What is a Mitzvah?

Boy standing against chalkboard

The literal meaning of the Hebrew word mitzvah is commandment, but the generally accepted sense is that of a good deed. The emphasis is on deeds—not on positive thoughts or wishes, but on conscious acts of empathy and kindness. To help you learn more about what it means to do a mitzvah, we've posted some book suggestions, activitiy ideas, discussion questions, and videos below. Click one of the titles to get started!


Brothers reading on blanket in park

To find books about a specific mitzvah, visit our Books page and sort by “value.”


Sisters with Dad and Tzedakah boxes

Here are some mitzvot (plural of mitzvah) your child could undertake, along with the commandment each act of kindness fulfills:

Giving food or clothing to the homeless
(Respecting those in need)

Passing along cherished toys or games
(Do not covet)

Recycling or composting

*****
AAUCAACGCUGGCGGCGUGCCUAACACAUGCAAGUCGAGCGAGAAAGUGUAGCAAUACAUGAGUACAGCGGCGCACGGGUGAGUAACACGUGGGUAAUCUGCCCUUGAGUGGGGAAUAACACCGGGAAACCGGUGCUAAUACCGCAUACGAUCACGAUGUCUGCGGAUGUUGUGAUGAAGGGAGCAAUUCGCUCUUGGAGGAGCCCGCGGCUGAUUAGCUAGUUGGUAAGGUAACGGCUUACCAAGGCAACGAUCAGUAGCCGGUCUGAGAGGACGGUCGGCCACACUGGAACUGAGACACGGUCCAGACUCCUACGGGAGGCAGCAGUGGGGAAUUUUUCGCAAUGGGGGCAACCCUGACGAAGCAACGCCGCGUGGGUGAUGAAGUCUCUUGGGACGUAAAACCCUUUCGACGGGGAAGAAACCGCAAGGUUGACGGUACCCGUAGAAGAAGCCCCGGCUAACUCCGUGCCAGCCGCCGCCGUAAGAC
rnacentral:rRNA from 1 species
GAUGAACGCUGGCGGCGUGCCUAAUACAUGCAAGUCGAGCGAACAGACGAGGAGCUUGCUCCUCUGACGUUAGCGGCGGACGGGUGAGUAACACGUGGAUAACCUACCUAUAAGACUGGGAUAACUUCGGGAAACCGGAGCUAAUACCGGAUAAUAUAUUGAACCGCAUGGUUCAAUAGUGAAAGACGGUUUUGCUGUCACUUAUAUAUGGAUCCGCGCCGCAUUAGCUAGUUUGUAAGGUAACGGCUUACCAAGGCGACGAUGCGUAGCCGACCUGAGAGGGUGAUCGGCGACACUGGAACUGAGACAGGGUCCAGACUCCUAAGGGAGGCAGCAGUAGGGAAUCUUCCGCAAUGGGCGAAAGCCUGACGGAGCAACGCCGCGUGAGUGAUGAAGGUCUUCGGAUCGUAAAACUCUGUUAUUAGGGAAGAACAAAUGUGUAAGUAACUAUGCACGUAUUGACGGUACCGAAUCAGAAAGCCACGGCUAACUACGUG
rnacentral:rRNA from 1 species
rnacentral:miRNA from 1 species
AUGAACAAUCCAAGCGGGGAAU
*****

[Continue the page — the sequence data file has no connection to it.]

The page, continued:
(Do not destroy needlessly)

Sharing toys with a friend or sibling
(Peace in the home)

Making soup for a neighbor with the sniffles
(Visiting the sick)

Inviting a new classmate over for a playdate
(Welcoming guests)

Walking the dog or feeding a pet fish
(Being kind to animals)

You can download your very own “mitzvah chart” by clicking here. Or create your own by listing values that are important to your family and matching them with actions you and your child can take to exemplify those values.


What makes something a mitzvah?
What are mitzvot our family can do together?
How can we show kindness to others?
How can we make the world a better place?


Let Grover and Shalom Sesame help your kids understand what doing a mitzvah is all about.


Are you interested in learning more about a specific mitzvot like returning lost objects or being a good friend? Search our blog for more activity and story ideas or check out an episode of Shaboom!.

As always, keep the conversation going with us on Facebook, Twitter, and Instagram.